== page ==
29 September 2023

Resilient Communities, Stronger Future

UNICEF India and USAID successfully partnered to support the Government of India in its response to the COVID-19 pandemic in 2020 and continued with support till March 2021.  The interventions implemented under the partnership covering Delhi, Maharashtra,  Gujarat, Madhya Pradesh, Rajasthan, Telangana and Andhra Pradesh aimed to appropriately respond and mitigate the risks of extensive Stigma and Discrimination caused by COVID-19 through a comprehensive Risk Communications and Community Engagement (RCCE) Strategy supporting and supplementing the efforts made by the government at the national and state level. USAID was amongst the first donors for UNICEF’s RCCE response to COVID-19 and with the generous support to the tune of $3.5 million, UNICEF India has managed to achieve some commendable results. The partnership led to the development of over 100  communication materials in 11 different languages focusing on the themes of COVID-19  Appropriate Behaviors (CAB) and ‘stigma and discrimination’. In addition, under the  partnership, the campaigns against stigma and discrimination had a reach of more than  150 million through messaging on social media platforms. The partnership also led to direct engagement with the most vulnerable communities and networks living in urban slums,  and hard to reach rural areas. Under the partnership, the RCCE efforts played a crucial role in effectively delivering COVID-19 and vaccine-related information to more than a 100 million people. This compendium of stories brings together a collection of successful case studies from different states of India. These stories are selected from both rural and urban settings, and  they represent the work done at the grassroots level by the collaborative efforts of UNICEF and USAID under different subject areas.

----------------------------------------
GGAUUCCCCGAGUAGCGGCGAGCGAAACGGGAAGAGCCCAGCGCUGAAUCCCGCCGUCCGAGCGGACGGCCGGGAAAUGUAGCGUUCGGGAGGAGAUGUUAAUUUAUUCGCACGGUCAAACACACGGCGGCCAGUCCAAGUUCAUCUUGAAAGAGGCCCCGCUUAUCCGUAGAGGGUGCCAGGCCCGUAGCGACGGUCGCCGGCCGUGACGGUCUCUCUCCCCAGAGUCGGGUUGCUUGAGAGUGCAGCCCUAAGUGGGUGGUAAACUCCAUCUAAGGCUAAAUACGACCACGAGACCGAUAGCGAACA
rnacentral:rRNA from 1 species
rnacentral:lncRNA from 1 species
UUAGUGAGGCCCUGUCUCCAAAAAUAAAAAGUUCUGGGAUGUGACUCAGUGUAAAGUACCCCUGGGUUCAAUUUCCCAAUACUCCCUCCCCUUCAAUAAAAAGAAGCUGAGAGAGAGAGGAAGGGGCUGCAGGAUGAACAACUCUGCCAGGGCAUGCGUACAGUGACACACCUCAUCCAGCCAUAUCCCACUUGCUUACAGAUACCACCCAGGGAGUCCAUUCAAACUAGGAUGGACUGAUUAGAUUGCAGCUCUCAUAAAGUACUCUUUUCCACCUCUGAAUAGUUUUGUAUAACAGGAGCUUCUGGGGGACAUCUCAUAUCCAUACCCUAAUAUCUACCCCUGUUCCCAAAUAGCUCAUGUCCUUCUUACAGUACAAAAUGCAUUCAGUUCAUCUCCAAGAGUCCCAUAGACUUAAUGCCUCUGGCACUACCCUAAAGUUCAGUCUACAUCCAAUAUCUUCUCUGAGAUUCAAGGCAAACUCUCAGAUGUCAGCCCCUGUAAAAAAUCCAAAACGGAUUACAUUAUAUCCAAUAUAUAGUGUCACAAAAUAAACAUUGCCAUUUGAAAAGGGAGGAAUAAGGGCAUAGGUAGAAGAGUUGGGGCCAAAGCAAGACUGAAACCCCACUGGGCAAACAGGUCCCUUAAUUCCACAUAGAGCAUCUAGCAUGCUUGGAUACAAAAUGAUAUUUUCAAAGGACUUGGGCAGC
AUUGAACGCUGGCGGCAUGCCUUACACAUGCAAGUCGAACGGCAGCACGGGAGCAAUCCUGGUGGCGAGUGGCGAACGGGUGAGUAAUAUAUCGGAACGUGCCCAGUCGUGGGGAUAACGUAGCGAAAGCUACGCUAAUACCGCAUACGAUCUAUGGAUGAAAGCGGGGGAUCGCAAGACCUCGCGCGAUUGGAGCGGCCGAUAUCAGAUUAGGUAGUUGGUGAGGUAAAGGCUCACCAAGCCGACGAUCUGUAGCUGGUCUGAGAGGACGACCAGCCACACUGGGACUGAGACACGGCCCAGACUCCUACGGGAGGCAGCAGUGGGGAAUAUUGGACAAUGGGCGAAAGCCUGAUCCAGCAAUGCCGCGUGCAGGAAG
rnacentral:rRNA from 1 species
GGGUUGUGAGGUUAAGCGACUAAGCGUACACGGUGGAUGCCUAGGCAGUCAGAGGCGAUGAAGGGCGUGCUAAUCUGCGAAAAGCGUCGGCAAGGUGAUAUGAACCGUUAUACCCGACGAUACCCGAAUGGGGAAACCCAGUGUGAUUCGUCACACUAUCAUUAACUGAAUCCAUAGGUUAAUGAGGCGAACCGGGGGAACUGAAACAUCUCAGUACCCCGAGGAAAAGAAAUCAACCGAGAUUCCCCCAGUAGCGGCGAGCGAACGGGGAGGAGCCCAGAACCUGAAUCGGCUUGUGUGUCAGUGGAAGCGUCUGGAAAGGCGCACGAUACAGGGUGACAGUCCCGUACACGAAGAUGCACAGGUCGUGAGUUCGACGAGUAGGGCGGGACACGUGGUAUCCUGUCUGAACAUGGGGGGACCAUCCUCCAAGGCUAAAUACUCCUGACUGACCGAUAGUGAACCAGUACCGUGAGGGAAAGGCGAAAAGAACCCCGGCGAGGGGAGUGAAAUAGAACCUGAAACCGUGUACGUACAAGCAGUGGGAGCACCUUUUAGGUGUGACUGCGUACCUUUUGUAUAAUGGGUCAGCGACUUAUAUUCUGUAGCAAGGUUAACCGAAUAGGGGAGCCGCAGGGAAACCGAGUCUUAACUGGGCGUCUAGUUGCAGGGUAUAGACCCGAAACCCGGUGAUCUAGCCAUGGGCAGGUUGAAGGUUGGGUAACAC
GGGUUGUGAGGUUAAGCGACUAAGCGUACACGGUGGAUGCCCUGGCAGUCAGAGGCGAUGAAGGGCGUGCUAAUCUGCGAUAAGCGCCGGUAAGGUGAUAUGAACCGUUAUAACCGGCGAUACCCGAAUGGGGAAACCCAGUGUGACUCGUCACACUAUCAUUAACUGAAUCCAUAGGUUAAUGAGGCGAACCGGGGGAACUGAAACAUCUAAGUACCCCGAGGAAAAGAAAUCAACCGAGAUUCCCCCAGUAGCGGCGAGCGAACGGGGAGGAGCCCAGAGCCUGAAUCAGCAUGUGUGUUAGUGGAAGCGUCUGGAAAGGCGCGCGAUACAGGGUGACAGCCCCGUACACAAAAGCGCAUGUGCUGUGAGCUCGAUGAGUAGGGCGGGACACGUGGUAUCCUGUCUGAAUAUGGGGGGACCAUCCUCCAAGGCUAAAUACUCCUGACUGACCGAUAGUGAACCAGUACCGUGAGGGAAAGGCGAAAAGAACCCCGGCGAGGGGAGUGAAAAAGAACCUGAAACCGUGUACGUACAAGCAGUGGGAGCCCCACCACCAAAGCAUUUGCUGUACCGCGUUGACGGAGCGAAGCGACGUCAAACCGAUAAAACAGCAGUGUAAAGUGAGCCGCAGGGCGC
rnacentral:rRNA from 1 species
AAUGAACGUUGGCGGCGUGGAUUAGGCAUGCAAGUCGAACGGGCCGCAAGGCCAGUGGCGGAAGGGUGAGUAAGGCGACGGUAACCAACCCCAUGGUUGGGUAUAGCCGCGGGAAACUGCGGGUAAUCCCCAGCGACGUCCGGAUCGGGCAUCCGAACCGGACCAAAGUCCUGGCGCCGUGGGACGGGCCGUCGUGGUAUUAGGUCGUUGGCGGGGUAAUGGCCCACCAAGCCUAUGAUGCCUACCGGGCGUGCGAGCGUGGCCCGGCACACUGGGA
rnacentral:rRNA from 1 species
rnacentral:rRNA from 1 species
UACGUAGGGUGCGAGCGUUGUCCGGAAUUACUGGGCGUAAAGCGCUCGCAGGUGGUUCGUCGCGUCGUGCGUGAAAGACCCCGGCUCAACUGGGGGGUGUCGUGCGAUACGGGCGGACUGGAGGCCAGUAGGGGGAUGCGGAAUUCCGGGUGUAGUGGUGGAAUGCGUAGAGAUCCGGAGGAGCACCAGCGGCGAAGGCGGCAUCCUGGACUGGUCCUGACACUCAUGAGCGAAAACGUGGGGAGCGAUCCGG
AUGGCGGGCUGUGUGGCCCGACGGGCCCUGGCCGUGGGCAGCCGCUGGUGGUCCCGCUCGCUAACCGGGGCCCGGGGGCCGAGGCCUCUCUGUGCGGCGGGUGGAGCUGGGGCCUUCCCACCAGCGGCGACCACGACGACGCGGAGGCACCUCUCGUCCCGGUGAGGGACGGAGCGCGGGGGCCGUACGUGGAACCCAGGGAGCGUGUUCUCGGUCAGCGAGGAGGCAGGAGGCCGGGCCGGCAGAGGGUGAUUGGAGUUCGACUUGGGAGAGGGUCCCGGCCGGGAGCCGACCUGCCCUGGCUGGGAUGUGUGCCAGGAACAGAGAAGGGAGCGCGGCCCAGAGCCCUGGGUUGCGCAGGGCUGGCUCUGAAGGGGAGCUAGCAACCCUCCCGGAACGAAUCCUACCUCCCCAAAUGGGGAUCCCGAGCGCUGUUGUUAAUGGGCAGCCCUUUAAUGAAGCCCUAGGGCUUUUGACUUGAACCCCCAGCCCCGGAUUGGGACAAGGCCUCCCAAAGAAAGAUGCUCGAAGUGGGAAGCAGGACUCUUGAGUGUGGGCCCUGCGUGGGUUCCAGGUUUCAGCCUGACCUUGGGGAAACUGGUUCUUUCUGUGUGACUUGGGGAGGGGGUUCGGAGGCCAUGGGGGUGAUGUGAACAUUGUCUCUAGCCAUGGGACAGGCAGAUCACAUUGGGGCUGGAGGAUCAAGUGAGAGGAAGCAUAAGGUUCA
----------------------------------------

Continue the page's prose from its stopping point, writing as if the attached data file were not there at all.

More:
18 May 2023

Weekly surveillance of wastewater for SARS-CoV-2 gene detection for pandemic curve monitoring

This study was conducted as a weekly surveillance of wastewater for SARS-CoV-2 to gather evidence about the COVID-19 situation at the community level. The surveillance study was carried out in the Ahmedabad city of Gujarat state in India.   Given that up to 67 per cent of infected people showed SARS-CoV2 presence in faeces, alternative approaches such as wastewater-based epidemiology (WBE) surveillance has gained loads of recognition as a viable option that can provide early warning of the upcoming prevalence of the disease within a community. One of the advantages of WBE is that wastewater contains faeces from a huge number of people. Therefore, it may require a far fewer number samples and less labour than clinical testing to know the presence of infected persons in the area. Overall, wastewater-based epidemiology (WBE) is a promising approach to understand the status of the disease outbreak in a certain catchment by monitoring the viral load in the wastewater, as it contains the excretion from both symptomatic and asymptomatic individuals. WBE had been an effective tool during past outbreak of other enteric viruses, such as poliovirus, hepatitis A and norovirus, it can be used as an early warning tool for the disease outbreak in a community and used to inform the efficacy of the current public health interventions. WBE data can help to estimate actual infected population due to the virus, as it covers asymptomatic and pre-symptomatic patients too, which may be underestimated by clinical surveillance.  For this study, wastewater samples were collected from nine different locations, including eight wastewater pumping stations and a single sewage treatment plant. The samples were collected weekly for twenty-five weeks from each location during September 2020 to February 2021